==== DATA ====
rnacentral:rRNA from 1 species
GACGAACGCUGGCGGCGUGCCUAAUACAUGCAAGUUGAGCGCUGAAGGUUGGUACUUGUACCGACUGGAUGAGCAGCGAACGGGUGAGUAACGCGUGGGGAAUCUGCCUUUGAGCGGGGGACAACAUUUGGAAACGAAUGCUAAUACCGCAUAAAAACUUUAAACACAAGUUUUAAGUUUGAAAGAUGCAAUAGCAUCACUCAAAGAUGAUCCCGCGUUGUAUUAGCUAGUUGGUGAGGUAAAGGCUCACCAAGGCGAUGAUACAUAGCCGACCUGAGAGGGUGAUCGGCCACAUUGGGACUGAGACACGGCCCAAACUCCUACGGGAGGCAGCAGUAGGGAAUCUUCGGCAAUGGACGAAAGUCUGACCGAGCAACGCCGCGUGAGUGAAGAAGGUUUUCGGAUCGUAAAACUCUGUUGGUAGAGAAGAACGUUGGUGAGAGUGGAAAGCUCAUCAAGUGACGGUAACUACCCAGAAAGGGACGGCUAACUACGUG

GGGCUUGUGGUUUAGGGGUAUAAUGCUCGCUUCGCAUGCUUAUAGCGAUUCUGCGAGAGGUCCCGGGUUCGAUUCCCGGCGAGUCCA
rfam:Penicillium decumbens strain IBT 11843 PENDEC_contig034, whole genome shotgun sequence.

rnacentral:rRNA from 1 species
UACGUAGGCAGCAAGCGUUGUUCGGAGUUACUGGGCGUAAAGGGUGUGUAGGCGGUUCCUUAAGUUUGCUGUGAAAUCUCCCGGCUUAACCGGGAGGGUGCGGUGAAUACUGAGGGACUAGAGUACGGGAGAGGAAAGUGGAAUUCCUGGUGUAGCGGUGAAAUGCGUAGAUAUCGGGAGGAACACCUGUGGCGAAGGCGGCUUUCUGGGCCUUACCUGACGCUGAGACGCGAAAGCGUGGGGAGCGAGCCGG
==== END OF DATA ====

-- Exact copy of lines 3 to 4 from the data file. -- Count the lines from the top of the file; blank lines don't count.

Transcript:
GGGCUUGUGGUUUAGGGGUAUAAUGCUCGCUUCGCAUGCUUAUAGCGAUUCUGCGAGAGGUCCCGGGUUCGAUUCCCGGCGAGUCCA
rfam:Penicillium decumbens strain IBT 11843 PENDEC_contig034, whole genome shotgun sequence.